Attention Gmail users: Your inboxes are about to get way more spammy with political email thanks to a new ruling by federal regulators
- Google asked federal regulators to OK a plan for easing spam filters on political emails.
- The Federal Election Commission voted 4-1-1 to approve Google's plan.
Get ready for an whole lot more political email hitting your main Gmail inbox.
In a 4-1-1 vote Thursday, the Federal Election Commission ruled that Google could legally launch a pilot program for political candidates that allows them to skirt email spam filters when raising money from, or otherwise communicating with, prospective voters and donors.
Despite a torrent of public outrage preceding the vote, Google is now free to invite federal political candidates to sign up for the email pilot program, which would amount to a free pass out of Gmail spam-box purgatory.
The core question before the FEC was decidedly narrow: Would a Google giving some political candidates a break from Gmail spam filters constitute an illegal in-kind political contribution — or, in other words, something of value to political candidates that violated existing campaign finance law?
It would not, most commissioners agreed. Even a commissioner who wasn't thrilled with the notion of unleashing more political emails on an overloaded electorate concluded Google's program proposal is legal.
"I don't want to, and it's for the same reasons that all the commenters don't want to," newly appointed Democratic Commissioner Dara Lindenbaum said before voting in favor of Google's request. "But I think the law and the commission regulations and commission precedent permit this."
Republican commissioners Allen Dickerson, Trey Trainor, and Sean Cooksey joined Lindenbaum in voting to approve Google's request.
Democratic Commissioner Ellen Weintraub voted against it, while Democratic Commissioner Shana Broussard abstained.
The path to this decision has been turbulent.
Facing growing public outrage over misleading and hyperbolic fundraising pitches, the FEC last month unanimously agreed to give Americans three more weeks to critique Google's request to quickly allow political committees' emails to skirt its Gmail spam filters.
The FEC received 2,641 comments on Google's request and another 104 comments on a draft response the commission circulated.
"If people want political spam, let them sign up for it. Do not make me and those who do not want political spam spend hours marking messages as spam trying to stop the flood," wrote one commentor whose concerns echoed hundreds of others.
Republicans and Democrats alike have engaged in spammy, misleading, and even patently false email campaigns. That didn't stop the Democratic National Committee from registered concerns that Google's pilot program would foster "deceptive solicitations," be to the "detriment of voters and our democracy," and "place the burden on Google's users themselves to protect their inboxes from unwanted political spam emails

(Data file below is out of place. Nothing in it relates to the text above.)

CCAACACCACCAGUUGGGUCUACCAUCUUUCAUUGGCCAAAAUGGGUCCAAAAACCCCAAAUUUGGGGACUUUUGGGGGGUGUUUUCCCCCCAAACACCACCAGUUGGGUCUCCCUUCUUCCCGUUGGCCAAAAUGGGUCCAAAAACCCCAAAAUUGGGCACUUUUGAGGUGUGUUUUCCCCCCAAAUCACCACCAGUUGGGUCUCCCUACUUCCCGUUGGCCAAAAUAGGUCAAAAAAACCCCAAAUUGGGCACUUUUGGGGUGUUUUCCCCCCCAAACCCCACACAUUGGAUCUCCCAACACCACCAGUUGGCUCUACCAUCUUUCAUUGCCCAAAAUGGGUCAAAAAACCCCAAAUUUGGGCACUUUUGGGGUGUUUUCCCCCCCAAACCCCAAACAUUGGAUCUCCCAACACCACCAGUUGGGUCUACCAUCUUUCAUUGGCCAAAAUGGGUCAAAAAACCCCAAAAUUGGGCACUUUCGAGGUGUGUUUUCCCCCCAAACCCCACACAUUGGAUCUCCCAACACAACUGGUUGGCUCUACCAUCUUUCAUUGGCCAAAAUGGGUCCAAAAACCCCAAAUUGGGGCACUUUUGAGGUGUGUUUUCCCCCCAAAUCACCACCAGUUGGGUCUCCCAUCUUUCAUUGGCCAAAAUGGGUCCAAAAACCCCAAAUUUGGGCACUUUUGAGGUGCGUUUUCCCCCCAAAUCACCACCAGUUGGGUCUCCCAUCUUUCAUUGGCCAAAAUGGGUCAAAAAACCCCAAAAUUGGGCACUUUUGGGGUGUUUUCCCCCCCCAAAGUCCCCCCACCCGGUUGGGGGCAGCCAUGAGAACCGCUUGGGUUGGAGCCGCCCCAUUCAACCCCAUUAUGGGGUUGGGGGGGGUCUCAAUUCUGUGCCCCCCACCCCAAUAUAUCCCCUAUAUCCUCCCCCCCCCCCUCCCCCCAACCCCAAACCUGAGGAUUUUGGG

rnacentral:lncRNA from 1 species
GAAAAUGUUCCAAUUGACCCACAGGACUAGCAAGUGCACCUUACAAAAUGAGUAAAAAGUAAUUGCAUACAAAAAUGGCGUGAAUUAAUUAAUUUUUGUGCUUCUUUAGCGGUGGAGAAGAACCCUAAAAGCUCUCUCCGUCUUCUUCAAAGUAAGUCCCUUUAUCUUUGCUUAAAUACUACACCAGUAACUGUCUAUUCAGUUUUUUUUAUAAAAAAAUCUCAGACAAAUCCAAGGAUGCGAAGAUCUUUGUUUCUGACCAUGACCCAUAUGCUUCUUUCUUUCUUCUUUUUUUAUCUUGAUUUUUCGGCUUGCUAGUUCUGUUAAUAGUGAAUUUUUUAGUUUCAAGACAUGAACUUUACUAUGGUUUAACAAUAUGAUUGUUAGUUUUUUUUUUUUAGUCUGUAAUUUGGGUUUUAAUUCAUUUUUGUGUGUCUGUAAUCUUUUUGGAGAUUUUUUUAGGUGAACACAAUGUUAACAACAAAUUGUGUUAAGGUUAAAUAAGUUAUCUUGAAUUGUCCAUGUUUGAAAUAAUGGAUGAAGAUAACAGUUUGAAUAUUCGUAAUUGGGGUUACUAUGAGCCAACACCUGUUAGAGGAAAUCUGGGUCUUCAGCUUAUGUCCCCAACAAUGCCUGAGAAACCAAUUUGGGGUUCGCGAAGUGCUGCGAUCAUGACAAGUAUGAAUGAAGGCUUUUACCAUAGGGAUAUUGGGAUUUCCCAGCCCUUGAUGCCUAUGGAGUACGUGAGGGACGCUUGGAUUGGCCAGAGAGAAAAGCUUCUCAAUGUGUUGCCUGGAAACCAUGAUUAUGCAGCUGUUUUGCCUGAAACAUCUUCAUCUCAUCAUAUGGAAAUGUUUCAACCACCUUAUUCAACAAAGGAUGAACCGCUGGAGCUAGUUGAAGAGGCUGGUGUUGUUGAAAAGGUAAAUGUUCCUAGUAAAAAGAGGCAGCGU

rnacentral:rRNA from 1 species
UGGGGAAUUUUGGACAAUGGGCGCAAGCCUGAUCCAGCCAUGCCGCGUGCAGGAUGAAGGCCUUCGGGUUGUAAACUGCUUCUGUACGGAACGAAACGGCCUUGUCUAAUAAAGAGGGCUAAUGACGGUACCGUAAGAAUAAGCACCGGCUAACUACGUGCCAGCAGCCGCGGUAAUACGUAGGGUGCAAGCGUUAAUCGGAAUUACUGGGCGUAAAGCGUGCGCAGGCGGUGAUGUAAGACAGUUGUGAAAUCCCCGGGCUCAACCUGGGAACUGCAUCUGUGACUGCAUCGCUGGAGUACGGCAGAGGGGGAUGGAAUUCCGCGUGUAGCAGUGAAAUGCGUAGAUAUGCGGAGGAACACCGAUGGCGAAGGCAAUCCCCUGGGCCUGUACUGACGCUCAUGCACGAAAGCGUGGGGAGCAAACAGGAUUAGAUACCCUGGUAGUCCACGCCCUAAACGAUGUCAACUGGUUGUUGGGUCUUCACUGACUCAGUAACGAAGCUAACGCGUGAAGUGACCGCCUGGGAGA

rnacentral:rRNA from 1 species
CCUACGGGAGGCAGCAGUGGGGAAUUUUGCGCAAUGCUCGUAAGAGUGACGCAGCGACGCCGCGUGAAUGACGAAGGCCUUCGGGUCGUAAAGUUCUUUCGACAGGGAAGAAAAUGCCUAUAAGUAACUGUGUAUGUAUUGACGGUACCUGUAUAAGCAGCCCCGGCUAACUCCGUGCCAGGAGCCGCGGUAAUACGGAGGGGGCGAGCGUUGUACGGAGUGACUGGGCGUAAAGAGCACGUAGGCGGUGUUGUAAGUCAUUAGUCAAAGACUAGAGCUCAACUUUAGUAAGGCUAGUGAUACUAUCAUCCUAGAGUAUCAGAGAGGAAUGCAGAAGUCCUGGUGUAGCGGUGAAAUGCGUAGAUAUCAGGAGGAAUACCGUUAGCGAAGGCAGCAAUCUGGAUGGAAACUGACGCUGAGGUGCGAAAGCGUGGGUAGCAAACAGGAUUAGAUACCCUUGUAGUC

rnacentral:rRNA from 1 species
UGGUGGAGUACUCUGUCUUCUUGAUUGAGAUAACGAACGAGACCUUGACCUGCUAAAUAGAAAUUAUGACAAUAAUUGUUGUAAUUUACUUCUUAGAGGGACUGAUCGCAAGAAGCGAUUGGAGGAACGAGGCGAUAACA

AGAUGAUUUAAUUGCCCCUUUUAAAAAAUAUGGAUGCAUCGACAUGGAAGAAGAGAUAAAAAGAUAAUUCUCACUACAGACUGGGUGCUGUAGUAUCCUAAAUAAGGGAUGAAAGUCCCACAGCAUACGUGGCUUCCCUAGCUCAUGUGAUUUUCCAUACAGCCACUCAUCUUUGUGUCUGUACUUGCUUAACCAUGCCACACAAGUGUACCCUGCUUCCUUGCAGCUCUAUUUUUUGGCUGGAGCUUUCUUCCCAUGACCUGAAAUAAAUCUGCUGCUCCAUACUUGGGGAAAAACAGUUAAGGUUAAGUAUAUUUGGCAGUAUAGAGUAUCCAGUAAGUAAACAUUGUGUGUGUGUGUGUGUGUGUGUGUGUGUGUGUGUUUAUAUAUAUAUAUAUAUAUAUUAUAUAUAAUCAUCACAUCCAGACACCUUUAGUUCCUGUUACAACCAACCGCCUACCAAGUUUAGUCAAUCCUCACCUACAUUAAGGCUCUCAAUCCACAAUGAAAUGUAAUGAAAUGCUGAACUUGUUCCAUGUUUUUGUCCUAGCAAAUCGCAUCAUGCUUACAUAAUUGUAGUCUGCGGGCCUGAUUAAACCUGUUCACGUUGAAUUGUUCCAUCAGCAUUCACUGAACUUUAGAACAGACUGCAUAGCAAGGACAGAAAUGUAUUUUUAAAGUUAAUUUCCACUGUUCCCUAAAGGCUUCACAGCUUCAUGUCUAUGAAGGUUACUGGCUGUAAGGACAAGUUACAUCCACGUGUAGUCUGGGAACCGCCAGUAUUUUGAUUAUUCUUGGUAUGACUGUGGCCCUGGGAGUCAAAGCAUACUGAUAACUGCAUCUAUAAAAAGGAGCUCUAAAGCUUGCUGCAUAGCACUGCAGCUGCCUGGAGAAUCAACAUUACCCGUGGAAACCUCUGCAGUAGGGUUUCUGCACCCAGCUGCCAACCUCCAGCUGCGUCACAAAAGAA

Although the FEC told Insider that it doesn't keep track of which advisory opinion requests have over the years attracted the most public comments, a review of past cases indicates Google's request ranks near or at the top.
Before the final vote Thursday, Weintraub motioned to approve a alternate ruling that would have effectively prevented Google from launching its pilot program.
The motion failed in a 1-4-1 vote, with Weintraub alone voting for it.
"Google should be aware that if it decides to move forward with its ridiculous and wildly unpopular plan to allow political campaigns to send spam email without consequence, it will face unprecedented backlash from its users, who overwhelmingly do not want this change to happen," said Josh Nelson, a political fundraiser and CEO of Civic Shout, which works for left-learning causes and campaigns.
Google's political email plan
As described in its initial request to the FEC, Google wants to "launch a pilot program for authorized candidate committees, political party committees, and leadership political action committees" that would ensure the emails of accepted committees "will not be affected by forms of spam detection to which they would otherwise be subject."
Google said that its spam-skirting political pilot program is "not intended to favor or disfavor any particular candidate, party or speaker, nor intended to influence the outcome of any election."
Google attorney Claire Rajan of Allen & Overy LLP told the FEC on Thursday that the many negative comments from people decrying the plan were "well received" and that "people really dislike spam, which Google knows well."
How Gmail users will ultimately react to the program in practice can't be predicted, Rajan said.
"We can't know that until testing that, and that's the purpose of the pilot," she said.
Many Republicans have argued that spam filters have disproportionately affected GOP emails, although Rajan said that isn't true and that Google is not biased for or against any political party or candidate.
Any committee registered with the FEC, whose emails comply with Google's terms of service and don't contain prohibited content such as malware or phishing schemes, could apply to participate. Gmail users will retain the right to opt-out of receiving political emails, but this will require more vigilance on their part.
Google's concerns — articulated in a 15-page letter to the FEC from Rajan on July 1 — centered on whether its efforts would constitute "prohibited in-kind contributions" to political committees.
Put simply: Google wanted the government's reassurance that it isn't breaking any law by giving politicians and political operatives a potentially valuable service. Suspected violations of federal campaign finance laws can result in costly investigations and potential civil fines, say nothing of bad press.
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